New storage in Keycloak

July 27 2022 by Hynek Mlnařík

The current store in Keycloak has some known limitations. For small deployments, it takes too long to initialize the database and start Keycloak. There is no native support for cloud-native deployment. Upgrading to a new Keycloak version often means a requirement for stop-the-world updates with little chance for no downtime upon upgrade.

Keycloak 19 brings in an early preview of the future Keycloak store supporting no-downtime upgrades, per-realm storage, and cloud-nativity from its very inception. This so called map storage stays focused at delivering optimal experience and thus limits its support to Postgres and CockroachDB databases, and Infinispan datastore. The early preview is available in the Quarkus distribution.

This early preview lacks several features necessary for optimal performance and is thus not yet production ready; still we have a plan to deliver those:

Note that the store used in previous versions (now called legacy store) does not go away soon! Since the new store is not yet production ready, it remains the default store in Keycloak 19. Also other databases (MySQL, MariaDB, MS SQL Server, Oracle) are not supported by the new store, these are only supported by the legacy. We do consider second-level support for these databases, based on results of a community survey.

For development and testing purposes, we offer a fast in-memory store called chm. This store is intentionally not capable of zero-downtime upgrade as that is not needed for development. As such, it also offers a quick Keycloak-without-database deployment.

We will be glad to hear your feedback in GitHub Discussions.

Try it out

The following section contains examples of how to configure Keycloak 19 with the new store.

The experimental command line options starting with --storage might change without prior warning, based on the feedback from the community and project needs.

See what Keycloak can do without a database

After downloading, you can try Keycloak in a single-node deployment as simply as running

bin/ start-dev --storage=chm

This starts a Keycloak instance with a simple testing in-memory store which is saved to the local file system across Keycloak restarts but has no support for zero-downtime upgrades or clustering.

Next step: Persist data in a relational database

Requirements: Postgres 14 or CockroachDB 22.1 (or newer)

To keep the data in a database, run the following command:

bin/ start-dev --storage=jpa --db-url=<jdbc-url> --db-username=<username> --db-password=<password>

Reference to Q&A live document.

This feature has known issues in CockroachDB, see this tracker for list.

Alternative next step: Persist data in external Infinispan

Requirements: Infinispan 12.1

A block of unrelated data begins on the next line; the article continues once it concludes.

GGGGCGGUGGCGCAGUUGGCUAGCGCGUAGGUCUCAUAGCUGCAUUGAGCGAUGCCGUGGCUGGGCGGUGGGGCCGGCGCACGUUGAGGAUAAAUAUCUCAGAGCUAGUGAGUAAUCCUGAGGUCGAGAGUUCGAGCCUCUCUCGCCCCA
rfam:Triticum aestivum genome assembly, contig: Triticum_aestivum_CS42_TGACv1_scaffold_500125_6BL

If you have a Infinispan up and running, you can use it for storing the data as well. You can achieve it by running the following command:

bin/ start-dev --storage=hotrod --storage-hotrod-host=<host> --storage-hotrod-port=11222 --storage-hotrod-username=<username> --storage-hotrod-password=<password>

Keycloak creates the needed caches in Infinispan upon first start if the caches do not exist already. You are free to create and configure the caches yourself if you prefer to fine-tune those or e.g. want to set up persistence. Refer to Infinispan documentation for available options for cache configuration.

Reference to Q&A live document.

Next step: Store data in separate storages

Eventually it turns out that some of the data should be stored in files or a database, other (e.g. session) data should be stored in Infinispan. Can this be achieved?

Yes! Keycloak storage is divided into the following storage areas: Realms, clients, users, groups, roles, client scopes, authorization services, events, authentication sessions, user/client sessions, login failures, action tokens, and single-use tokens (last two areas to be merged in Keycloak 20).

For more details on this division, please see architecture specification.

Each area maintains its own storage for storing the data, and each area is independent of others. In other words, realms can be served by a database and users by Infinispan.

To have all the session data stored in an external Infinispan, and realm / client / user / group / role / …​ data stored in a relational database, you can issue the following command:

bin/ start-dev --storage=jpa \
  --db-url=<jdbc-url> --db-username=<username> --db-password=<password> \
  --storage-hotrod-host=<host> --storage-hotrod-port=<port> \
  --storage-hotrod-username=<username> --storage-hotrod-password=<password> \
  --storage-area-action-token=hotrod \
  --storage-area-auth-session=hotrod \
  --storage-area-single-use-object=hotrod \

This starts a Keycloak server with all areas being handled by the relational database (--storage=jpa) but those listed in specific --storage-area-…​ options which are set to use external Infinispan protocol. This setup is similar to the legacy store where all the session data are stored in Infinispan, with the exception that Infinispan is not embedded within Keycloak.


We will be happy for you to try the new store and share your feedback!